Antibody response durability following three-dose coronavirus disease 2019 vaccination in people with HIV receiving suppressive antiretroviral therapy


The article “Antibody Response Durability Following Three-Dose Coronavirus Disease 2019 Vaccination in People with HIV Receiving Suppressive Antiretroviral Therapy” investigates the long-term durability of antibody responses in individuals with HIV who are on suppressive antiretroviral therapy (ART) after receiving a three-dose regimen of COVID-19 vaccination.

In this study, the researchers explore how well the immune systems of people living with HIV, who are effectively managing their HIV infection with antiretroviral therapy, respond to and maintain protection from COVID-19 through vaccination.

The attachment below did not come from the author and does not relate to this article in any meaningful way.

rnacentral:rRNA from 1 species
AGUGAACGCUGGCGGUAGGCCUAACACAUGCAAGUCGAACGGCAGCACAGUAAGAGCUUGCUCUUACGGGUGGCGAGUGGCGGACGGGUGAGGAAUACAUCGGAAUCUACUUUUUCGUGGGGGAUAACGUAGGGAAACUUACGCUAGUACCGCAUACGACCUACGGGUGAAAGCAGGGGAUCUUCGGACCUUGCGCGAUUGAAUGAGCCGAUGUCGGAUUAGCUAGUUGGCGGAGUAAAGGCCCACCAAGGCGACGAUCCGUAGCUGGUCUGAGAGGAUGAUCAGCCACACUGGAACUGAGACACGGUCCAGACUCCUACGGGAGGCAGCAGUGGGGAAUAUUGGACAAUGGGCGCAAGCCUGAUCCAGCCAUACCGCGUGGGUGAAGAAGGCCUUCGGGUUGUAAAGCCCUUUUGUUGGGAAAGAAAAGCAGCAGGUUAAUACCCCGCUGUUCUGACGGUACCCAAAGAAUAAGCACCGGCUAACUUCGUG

The findings provide insights into the persistence of antibody responses in this specific population after completing a three-dose COVID-19 vaccination series. This information is crucial for understanding how long the immune protection against COVID-19 may last in individuals with HIV who are on suppressive ART.

The study contributes to our broader understanding of the effectiveness and duration of COVID-19 vaccination in populations with underlying health conditions, such as HIV. Such knowledge is essential for healthcare providers and policymakers to make informed decisions about vaccination strategies for individuals living with HIV, helping to optimize their protection against COVID-19 over time.

Disclaimer: This lay summary was generated by AI and has not been approved by any of the authors yet.

SANTHE is an Africa Health Research Institute (AHRI) flagship programme funded by the Science for Africa Foundation through the DELTAS Africa programme; the Bill & Melinda Gates Foundation; Gilead Sciences Inc.; and the Ragon Institute of Mass General, MIT, and Harvard.